For Parents and Family
Watching your student participate in an international experience can be very exciting and emotional! This page has a few notes just for you as a support person. We hope it will help make both you and your student’s experience more smooth and rewarding.
(Thanks to the staff of the Office of International Education at Willamette University for providing some of this content.)
Help your student prepare to be self-sufficient and responsible.
While supporting your student through the process is very important, it is also necessary to understand that your student is embarking on a personal experience. One of the best ways you can help your student is by encouraging him/her to take responsibility from the beginning in preparing for study abroad. Help them understand that anxiety from working and living out of their comfort zone is natural. When they experience set-backs, help them problem solve rather than trying to place blame.
Review all pre-departure materials and any placement packet material your student receives.
Although we welcome questions about your student's program, it is important that you and your student are sharing information so that it is clear to the student that you care, that you know they have the information they need, and so you can monitor your own student's understanding of their responsibility in the entire study abroad experience.
Establish a plan on how and when to be in contact.
The key is to plan ahead and establish expectations. Your student’s pre-departure handbook will have information on the different types of communication (and their ability to access those types of communication) in Ecuador. Be aware that, although it is comforting to hear from your student as soon as they arrive at their destination, it is not always possible for them to contact you right away.
Many flights arrive from the U.S. very late at night and students do not have the normal access to communication yet or they simply forget to phone home because of fatigue. Rest assured that if the student does not show up as planned that we will make contact with the person the student has identified as their “emergency contact” on their registration form with ACLAS.
In general, whether your student experiences a minor setback, such as a minor illness or an unwise purchase, or a more stressful event, such as a large loss/theft or more serious illness, etc., remind your student that the ACLAS staff are the best resources for dealing with the situation immediately.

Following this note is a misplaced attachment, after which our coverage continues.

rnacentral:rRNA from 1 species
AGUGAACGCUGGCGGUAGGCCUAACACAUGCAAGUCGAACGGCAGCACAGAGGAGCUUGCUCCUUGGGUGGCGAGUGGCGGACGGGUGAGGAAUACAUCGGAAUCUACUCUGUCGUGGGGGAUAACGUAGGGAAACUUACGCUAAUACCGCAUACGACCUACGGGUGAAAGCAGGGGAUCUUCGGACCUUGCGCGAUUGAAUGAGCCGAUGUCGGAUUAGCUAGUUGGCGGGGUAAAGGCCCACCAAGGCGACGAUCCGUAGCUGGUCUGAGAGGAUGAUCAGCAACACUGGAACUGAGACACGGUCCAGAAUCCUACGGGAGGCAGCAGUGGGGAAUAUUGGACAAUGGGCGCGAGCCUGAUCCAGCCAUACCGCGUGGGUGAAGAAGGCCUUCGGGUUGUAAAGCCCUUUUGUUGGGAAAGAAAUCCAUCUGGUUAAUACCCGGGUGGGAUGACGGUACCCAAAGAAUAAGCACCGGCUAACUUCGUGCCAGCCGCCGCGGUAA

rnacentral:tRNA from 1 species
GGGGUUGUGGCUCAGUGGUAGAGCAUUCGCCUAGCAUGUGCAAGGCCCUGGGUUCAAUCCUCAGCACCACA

The first priority of our staff is to deal with the situation with the student's best interest in mind. Second, we will contact the student’s home university/college should the situation adversely affects a student's regular study or living situation. On-site staff are best equipped to know what the best course of action is and what is reasonable to expect from local healthcare providers, governmental entities, and legal systems.
As a family member (and especially because many students have cell phones at their fingertips), you may hear of a distressing event before we do. Please encourage your students to talk to any member of the ACLAS staff, their homestay family or any university staff that is on-site as soon as possible.
Theft/loss of possessions is always a possibility just as it is in the U.S. However, with careful attention, students can drastically reduce the chances of such incidents.
Review with your student which items of value are necessary for their experience and which should be left home.
Review the safety tips found in the pre-departure handbook.
Review your homeowner or renter's insurance policy for info about how your student's belongings will or will not be covered while abroad.
Talk about personal safety and emphasize that risk factors in the U.S. are just as relevant as they are in Ecuador. These include such things as public and private behavior, style of dress, time of day, presence of alcohol, neighborhood, etc.
Non-medical emergency (civil unrest, natural disaster)
Our primary concern is always the immediate safety of students. Should a crisis develop students will be accounted for as quickly as possible and we will communicate with your student’s home university/college. Those studying at ACLAS individually will be encouraged to directly contact their loved ones if it is safe to do so.
Emergency at home
If there is an emergency at home and you need to contact your student immediately you can communicate directly to them through your pre-arranged communication modes and you can also contact us.
When you call ACLAS the person will answer the phone in Spanish, but if you speak English the person on the phone will either be able to speak with you in English or quickly access someone who can.
Visiting your Student in Quito
Study abroad is an important opportunity for your student to gain new educational and life experience. Visiting your student while they are abroad can be an exciting and interesting role reversal, as your student becomes your guide and teacher.
We do, however, discourage parents from taking the initial trip abroad with students. It is important that students travel and settle into their new environment and culture on their own.
If visiting your student while s/he is abroad is important to you, we encourage family and friends to visit students during academic breaks or after the end of the program to minimize educational interruptions. This includes excursions which are part of the academic experience. Also, please note that it is not possible for parents to stay with the homestay families.